Date of Conferral



Doctor of Education (Ed.D.)




Barbara Schirmer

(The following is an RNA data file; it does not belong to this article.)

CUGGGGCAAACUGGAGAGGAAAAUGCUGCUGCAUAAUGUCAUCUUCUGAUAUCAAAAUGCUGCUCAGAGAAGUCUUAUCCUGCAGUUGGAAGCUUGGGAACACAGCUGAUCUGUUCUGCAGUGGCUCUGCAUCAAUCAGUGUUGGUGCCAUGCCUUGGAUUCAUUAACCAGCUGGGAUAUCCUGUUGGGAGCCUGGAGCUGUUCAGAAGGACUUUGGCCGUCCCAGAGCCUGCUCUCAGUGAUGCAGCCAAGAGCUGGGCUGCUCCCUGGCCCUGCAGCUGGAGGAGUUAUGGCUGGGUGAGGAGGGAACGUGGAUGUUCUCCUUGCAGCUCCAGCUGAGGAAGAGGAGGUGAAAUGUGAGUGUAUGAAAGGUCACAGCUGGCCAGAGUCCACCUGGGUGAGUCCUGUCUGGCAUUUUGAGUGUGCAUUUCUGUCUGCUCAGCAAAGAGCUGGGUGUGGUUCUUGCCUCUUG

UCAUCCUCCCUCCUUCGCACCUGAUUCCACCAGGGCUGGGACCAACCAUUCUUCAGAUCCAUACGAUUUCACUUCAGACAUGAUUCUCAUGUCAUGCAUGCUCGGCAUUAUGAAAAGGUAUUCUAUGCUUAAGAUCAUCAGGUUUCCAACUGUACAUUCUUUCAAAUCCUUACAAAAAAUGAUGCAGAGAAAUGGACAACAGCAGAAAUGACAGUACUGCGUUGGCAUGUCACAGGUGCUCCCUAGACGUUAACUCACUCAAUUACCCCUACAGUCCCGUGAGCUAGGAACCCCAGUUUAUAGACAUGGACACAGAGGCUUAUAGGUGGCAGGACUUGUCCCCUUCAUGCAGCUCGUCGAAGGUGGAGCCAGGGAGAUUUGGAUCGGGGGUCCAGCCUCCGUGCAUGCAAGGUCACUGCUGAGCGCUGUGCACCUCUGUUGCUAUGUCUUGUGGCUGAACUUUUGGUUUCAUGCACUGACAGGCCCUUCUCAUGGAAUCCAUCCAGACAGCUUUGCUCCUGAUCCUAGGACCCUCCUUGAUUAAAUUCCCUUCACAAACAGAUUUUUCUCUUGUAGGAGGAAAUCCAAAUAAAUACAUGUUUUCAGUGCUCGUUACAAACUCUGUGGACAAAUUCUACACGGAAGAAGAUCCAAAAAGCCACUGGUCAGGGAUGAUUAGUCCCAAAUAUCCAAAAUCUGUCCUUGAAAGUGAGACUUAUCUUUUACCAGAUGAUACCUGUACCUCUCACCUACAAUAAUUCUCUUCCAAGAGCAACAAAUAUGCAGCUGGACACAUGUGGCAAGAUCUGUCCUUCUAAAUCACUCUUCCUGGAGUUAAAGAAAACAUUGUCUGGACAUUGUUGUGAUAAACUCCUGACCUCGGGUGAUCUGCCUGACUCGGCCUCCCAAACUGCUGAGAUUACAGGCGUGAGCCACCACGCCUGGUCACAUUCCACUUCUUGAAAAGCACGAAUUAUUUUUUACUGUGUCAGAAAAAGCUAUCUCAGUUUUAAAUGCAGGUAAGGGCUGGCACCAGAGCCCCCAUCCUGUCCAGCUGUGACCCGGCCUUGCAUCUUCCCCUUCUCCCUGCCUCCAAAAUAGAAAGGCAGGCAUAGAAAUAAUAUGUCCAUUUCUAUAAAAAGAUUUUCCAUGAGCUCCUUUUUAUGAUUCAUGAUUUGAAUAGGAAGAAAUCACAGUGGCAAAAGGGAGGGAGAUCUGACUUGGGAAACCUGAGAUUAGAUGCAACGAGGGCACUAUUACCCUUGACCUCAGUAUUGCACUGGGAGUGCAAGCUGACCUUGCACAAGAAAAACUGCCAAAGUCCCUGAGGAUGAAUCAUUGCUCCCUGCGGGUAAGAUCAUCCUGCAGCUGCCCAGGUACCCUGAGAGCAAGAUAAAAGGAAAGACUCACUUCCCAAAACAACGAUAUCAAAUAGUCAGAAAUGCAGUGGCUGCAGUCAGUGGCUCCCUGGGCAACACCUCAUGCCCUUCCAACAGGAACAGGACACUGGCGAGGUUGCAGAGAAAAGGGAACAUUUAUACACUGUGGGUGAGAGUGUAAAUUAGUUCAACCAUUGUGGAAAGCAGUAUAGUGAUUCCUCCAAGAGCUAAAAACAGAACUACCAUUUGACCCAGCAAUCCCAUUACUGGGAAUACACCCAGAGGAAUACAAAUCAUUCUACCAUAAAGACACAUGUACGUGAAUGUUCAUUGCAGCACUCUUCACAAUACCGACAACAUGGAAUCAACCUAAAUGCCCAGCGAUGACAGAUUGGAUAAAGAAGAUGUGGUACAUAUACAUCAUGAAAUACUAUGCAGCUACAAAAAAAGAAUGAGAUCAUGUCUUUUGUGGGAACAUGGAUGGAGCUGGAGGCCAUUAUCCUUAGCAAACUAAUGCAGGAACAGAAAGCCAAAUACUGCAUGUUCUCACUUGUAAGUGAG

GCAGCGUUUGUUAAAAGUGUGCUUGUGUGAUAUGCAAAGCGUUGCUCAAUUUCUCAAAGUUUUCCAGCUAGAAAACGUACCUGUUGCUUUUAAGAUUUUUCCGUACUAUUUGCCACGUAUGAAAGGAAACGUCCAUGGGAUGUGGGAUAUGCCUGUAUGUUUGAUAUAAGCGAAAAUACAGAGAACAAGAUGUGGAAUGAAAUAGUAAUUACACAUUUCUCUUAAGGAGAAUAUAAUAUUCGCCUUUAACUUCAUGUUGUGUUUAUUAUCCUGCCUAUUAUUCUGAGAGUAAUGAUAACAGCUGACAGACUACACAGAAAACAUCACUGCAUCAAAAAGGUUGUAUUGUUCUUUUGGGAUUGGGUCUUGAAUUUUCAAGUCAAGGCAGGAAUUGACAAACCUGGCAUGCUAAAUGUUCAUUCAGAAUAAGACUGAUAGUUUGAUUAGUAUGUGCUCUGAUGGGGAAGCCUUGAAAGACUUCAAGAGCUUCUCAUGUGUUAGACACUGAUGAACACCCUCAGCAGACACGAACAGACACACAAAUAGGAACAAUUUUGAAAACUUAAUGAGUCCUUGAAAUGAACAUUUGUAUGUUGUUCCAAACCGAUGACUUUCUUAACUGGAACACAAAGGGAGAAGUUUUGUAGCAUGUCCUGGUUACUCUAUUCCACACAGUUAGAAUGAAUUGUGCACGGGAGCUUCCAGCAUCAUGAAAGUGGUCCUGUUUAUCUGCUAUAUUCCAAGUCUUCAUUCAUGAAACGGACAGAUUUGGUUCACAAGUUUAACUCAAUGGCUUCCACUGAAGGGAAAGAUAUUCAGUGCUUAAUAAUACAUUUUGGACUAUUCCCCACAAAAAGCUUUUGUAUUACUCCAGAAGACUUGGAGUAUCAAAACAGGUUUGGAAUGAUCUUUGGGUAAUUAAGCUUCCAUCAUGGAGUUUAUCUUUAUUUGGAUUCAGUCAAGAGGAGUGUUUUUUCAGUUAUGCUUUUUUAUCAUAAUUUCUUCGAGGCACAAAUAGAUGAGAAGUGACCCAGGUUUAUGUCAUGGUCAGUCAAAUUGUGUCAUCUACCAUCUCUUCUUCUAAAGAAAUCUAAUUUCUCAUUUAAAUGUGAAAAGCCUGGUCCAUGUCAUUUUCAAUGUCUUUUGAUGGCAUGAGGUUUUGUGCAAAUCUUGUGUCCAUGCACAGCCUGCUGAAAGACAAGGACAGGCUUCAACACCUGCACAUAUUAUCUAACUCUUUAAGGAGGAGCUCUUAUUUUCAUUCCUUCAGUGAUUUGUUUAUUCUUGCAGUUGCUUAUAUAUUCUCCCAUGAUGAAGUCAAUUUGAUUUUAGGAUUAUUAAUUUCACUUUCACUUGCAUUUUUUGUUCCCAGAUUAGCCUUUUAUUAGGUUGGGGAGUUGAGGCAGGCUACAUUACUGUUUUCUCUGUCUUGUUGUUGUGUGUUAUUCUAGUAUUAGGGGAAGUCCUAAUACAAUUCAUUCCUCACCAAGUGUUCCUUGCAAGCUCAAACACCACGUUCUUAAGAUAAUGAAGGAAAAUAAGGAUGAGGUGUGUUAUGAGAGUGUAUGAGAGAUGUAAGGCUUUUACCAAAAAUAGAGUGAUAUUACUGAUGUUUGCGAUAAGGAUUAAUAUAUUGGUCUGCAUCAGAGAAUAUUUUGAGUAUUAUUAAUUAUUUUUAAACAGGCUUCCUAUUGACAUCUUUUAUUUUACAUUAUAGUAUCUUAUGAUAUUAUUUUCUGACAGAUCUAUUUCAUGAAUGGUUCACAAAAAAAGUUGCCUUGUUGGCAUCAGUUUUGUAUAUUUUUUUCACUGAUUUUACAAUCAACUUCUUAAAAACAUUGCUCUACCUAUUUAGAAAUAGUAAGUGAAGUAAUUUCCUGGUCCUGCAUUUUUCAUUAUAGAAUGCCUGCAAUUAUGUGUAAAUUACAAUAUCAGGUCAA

Despite evidence that underprepared college students benefit from literacy support, students who take developmental courses are less likely to earn a degree or certificate. Many community colleges have implemented redesigned developmental coursework models to improve student success, but there is a gap in practice on redesigns that involve an accelerated, blended model of instruction. This quantitative, causal-comparative study using archival data was based on Knowles’ theory of adult learning that postulates adults exhibit self-awareness, internal motivation, and independent initiatives in learning. The purpose was to compare students who took a blended, accelerated developmental reading course and students who took a traditional developmental reading course. The research questions addressed differences in successful course completion rates and reading growth using archived data from 443 students. Course completion rates and reading growth were compared using a t test for independent samples and a chi-square analysis. Results showed statistically significantly higher course completion rates and comparable reading growth for students in blended, accelerated developmental reading courses compared to students in traditional courses. Tests of effect size presented weak associations between course format and course completion rates and between course format and reading growth. The results provided the foundation for a curriculum plan comprising a blended, accelerated model of developmental reading instruction to promote positive social change by allowing adult learners to increase literacy skills and complete developmental reading courses in a shorter amount of time, contributing to increases in retention.